It is 1939, and we find a committee of African-American leaders seeking a solution for the “Negro problem.” The group agrees that blacks seem permanently relegated to second-class status because of lynchings, Jim Crow segregation and racial discrimination.
After dismissing such solutions as emigrating to Europe or going back to Africa, they are pitched on a plan by Dr. Warrington Avery (Kevin Willmott). He suggests that African-Americans attempt to colonize Mars, and turn the red planet into a virtual utopia where they will be entirely free from white oppression.
And wouldn’t you know, a spaceship has already been built and George Washington Carver (George Forbes) has developed an atomic rocket fuel made from peanuts and sweet potatoes. The crew volunteering for the maiden voyage consists of Dr. Avery, his daughter Beneatha (Danielle Cooper) and their pilot, Captain Race Johnson (Tosin Morohunfola).
The three astronauts blastoff, travel through space and eventually crash on the surface of what they believe to be a distant star. However, only after christening it “Planet Negro,” do they gradually come to realize that they’ve time-traveled to the future and landed back on Earth in present-day Kansas City.
There, the trio is in for quite an awakening, between discovering that the United States has an African-American president and that blacks now use the “N-word” as a term of endearment. “Where we come from, that’s what they call you right before they kill you,” Dr. Avery explains to B-12 (Trai Byers), a rapper ostensibly oblivious of the slur’s ugly legacy.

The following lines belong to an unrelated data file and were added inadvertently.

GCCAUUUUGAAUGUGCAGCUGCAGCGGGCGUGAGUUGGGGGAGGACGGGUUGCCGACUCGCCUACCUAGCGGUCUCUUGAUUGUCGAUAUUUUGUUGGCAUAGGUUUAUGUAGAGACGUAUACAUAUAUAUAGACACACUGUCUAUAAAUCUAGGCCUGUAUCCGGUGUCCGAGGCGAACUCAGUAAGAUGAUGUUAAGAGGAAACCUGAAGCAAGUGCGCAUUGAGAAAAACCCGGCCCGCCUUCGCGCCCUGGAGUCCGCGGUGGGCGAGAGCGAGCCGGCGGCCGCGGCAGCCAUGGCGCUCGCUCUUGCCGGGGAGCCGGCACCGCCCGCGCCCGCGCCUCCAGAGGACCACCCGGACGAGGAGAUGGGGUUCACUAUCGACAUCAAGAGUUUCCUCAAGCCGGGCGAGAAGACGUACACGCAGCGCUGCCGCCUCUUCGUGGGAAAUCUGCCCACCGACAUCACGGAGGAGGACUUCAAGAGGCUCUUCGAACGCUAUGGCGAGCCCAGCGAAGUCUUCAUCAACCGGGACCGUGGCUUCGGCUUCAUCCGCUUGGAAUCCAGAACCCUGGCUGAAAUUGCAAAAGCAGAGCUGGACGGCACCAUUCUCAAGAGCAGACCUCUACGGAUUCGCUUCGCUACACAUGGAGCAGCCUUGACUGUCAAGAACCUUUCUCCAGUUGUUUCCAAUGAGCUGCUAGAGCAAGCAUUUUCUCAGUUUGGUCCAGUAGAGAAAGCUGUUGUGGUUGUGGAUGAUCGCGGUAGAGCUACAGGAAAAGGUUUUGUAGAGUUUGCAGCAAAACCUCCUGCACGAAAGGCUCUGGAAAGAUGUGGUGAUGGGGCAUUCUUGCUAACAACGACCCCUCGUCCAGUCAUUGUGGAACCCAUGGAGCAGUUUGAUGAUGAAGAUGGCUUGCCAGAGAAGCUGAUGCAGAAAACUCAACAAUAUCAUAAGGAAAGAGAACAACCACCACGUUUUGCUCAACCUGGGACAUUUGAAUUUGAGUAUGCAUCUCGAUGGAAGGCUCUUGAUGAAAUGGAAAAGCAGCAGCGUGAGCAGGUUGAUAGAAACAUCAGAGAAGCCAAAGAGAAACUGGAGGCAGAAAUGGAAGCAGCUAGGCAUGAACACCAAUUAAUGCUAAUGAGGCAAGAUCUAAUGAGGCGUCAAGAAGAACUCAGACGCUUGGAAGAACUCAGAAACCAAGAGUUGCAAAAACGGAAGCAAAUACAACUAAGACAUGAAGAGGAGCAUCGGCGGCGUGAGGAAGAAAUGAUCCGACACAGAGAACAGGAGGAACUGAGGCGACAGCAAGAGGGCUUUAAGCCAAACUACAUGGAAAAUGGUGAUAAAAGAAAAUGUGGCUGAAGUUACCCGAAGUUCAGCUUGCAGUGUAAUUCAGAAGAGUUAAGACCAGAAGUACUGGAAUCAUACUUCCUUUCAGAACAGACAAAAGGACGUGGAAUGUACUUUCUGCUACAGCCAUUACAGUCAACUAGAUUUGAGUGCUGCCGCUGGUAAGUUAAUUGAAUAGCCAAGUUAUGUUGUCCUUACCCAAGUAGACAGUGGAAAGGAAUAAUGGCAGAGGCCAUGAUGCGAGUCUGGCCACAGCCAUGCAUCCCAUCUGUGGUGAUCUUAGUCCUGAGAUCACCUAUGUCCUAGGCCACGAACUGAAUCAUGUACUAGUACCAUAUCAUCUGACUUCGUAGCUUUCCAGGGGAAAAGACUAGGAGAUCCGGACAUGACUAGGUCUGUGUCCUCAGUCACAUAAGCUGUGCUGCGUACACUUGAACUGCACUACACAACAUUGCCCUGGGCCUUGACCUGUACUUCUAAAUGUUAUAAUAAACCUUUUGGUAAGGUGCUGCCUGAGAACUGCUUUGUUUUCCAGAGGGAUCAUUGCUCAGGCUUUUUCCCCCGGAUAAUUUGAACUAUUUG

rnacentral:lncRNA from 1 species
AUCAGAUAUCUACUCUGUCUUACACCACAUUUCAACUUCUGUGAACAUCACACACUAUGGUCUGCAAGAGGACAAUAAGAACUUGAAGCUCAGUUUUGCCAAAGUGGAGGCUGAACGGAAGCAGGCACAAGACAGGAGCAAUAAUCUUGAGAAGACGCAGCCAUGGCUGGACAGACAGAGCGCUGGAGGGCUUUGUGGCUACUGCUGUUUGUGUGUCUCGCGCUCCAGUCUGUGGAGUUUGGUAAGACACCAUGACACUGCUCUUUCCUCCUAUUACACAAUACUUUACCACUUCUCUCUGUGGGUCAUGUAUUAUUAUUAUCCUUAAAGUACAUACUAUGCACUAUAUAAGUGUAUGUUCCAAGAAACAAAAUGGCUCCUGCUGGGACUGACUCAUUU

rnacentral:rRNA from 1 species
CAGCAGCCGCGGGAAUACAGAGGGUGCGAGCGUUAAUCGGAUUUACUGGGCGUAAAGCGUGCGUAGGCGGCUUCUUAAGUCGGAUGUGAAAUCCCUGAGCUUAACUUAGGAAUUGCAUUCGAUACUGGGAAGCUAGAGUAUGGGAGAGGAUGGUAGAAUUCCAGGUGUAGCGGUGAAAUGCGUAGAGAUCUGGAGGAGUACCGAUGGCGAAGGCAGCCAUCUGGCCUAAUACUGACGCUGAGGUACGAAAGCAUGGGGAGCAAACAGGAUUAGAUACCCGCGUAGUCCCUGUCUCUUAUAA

Written and directed by and starring Kevin Willmott, “Destination Planet Negro” is a goofy spoof of the B-movie genre that’s basically played for laughs. Yet, it simultaneously serves as a sophisticated satire that makes some thought-provoking observations about American culture along the way.
In that regard, it is reminiscent of Willmott’s own C.S.A.: The Confederate States of America, a brilliant, alternate-reality comedy which speculated about what the country would be like today if the South had won the Civil War. As for “Destination Planet Negro,” it’s also highly recommended, provided you’re in the mood for a campy, low-budget sci-fi whose cheesy special effects are more than offset by a profusion of insightful social statements.